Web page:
HomeNewsBriefProposed Reform Would Allow Prosecution of Children in Guatemala
BRIEF

Proposed Reform Would Allow Prosecution of Children in Guatemala

GUATEMALA / 4 MAR 2013 BY JAMES BARGENT EN

A new proposed legal reform in Guatemala would allow minors involved in serious crimes to be prosecuted, as lawmakers attempt to tackle the thorny issue of child recruitment by criminal gangs.

The initiative, which seeks to reform eight articles of the Civil Code, is being spearheaded by Gudy Rivera, a former president of Congress and currently a deputy with ruling party Partido Patriota.

Rivera told journalists the reforms would make possible the prosecution of minors aged between 14 and 18 for certain crimes, although he did not specify which.

The new proposal would also introduce punishments for the parents of children who have committed crimes and triple the penalties for adults who recruit them into criminal gangs, reported Prensa Libre.

InSight Crime Analysis

The fact that minors escape prosecution for serious crimes is often cited as a factor that encourages criminal groups to recruit and use children – both in Guatemala and in other countries such as Colombia.

However, to change this law would prove controversial as according to international agreements such as the UN's children's rights convention -- of which Guatemala is a signatory -- minors recruited into armed groups, including criminal gangs, should be treated as victims, not criminals.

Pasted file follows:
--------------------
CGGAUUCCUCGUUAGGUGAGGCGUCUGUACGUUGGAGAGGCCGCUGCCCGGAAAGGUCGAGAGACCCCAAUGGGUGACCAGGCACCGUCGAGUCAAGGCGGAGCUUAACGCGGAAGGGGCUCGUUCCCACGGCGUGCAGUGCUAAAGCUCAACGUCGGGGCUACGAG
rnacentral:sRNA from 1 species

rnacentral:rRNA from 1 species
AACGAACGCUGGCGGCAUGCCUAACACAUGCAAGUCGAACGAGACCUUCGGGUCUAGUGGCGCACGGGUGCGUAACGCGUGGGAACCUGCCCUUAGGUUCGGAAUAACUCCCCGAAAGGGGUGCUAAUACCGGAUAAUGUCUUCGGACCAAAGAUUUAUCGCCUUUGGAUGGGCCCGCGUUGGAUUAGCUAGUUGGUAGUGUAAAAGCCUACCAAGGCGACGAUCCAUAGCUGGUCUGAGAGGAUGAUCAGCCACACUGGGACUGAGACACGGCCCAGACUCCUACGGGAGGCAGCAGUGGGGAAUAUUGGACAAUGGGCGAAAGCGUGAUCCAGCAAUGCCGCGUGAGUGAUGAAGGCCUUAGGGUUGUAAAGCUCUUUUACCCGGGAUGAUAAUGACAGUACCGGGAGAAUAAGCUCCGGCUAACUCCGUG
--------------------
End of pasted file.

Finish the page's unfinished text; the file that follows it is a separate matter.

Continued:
This approach places the onus on states to help, not punish, children involved in the groups, even if they have committed serious crimes -- a position Mexico has just come around to after more than a decade of objection.

Finding the balance between the two positions that protects children's rights from both angles will be an extremely difficult and delicate task. Rivera's comments suggesting the proposal was in response to recent events -- presumably the case of two schoolgirl murderers arrested a week before -- is thus worrying. Knee-jerk reactions to sensational crimes are rarely effective and in this case could actively harm already traumatized children.

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